|Digital | Logic Families | Digital Experiments | Analog | Optics | Computers | Semiconductors | Test HTML|
|Direct Links to Other Semiconductors Pages:|
|Basic Semiconductor Structures:||[Basic Semiconductor Crystal Structure] [The PN Junction] [The Transistor]|
|Field Effect Transistors (FETs):||[Junction FET] [Depletion Mode MOSFET] [Enhancement Mode MOSFET]|
|Adding More Junctions:||[The Four-Layer Diode] [The Silicon Controlled Rectifier] [The Silicon Controlled Switch] [The Diac and Triac]|
|Specialized Devices:||[A Touch of Physics] [Specialized Diodes] [The Unijunction Transistor]|
These pages are intended to describe the basic structure and general properties of semiconductor devices. We will not be showing such devices in working circuits in this set of pages; other pages already under development will serve that purpose. However, I have received a number of inquiries on the order of "What is a MOSFET?" and "What's inside a transistor?" This set of pages is intended to answer such questions.
In some cases we'll be dealing with some rather technical terms, and we will sometimes have to deal with some essential concepts involved in physics. More general explanations and definitions will also be given, so if you don't need the technical definitions, don't worry about them. The terms are present in case you actually need them.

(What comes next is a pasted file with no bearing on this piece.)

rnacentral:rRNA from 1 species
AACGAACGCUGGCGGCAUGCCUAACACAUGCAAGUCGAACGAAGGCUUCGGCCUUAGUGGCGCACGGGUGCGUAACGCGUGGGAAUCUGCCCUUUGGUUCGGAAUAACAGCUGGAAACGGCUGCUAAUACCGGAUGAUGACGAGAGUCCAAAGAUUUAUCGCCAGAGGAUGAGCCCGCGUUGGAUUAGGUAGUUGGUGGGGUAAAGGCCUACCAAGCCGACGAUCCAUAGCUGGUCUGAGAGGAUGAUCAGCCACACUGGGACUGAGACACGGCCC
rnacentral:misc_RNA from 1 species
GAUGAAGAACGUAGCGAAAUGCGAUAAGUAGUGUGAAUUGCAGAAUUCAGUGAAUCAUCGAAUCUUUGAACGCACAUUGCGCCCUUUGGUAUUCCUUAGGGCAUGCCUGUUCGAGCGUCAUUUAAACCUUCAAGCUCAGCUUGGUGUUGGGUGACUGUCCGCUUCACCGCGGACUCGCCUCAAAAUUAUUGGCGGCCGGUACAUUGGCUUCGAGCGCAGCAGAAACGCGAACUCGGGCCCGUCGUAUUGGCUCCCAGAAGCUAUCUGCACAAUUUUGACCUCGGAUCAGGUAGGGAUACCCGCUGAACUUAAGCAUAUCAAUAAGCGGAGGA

These pages will begin with basic semiconductor structure and what happens when impurities are added to a pure silicon crystal through a process known as "doping." We'll look at what happens when two or three different regions are created within a single silicon crystal. Then we'll start to look at variations: field-effect devices, devices with four and even five different regions, and finally the kinds of effects we can get when we change the amount of impurities within the crystal.
If a new semiconductor device is invented, I will add it to the site as soon as I do the necessary research. And if you are interested in a device that is not listed, by all means ask for it. Especially as these pages are first introduced, they may well not be complete.
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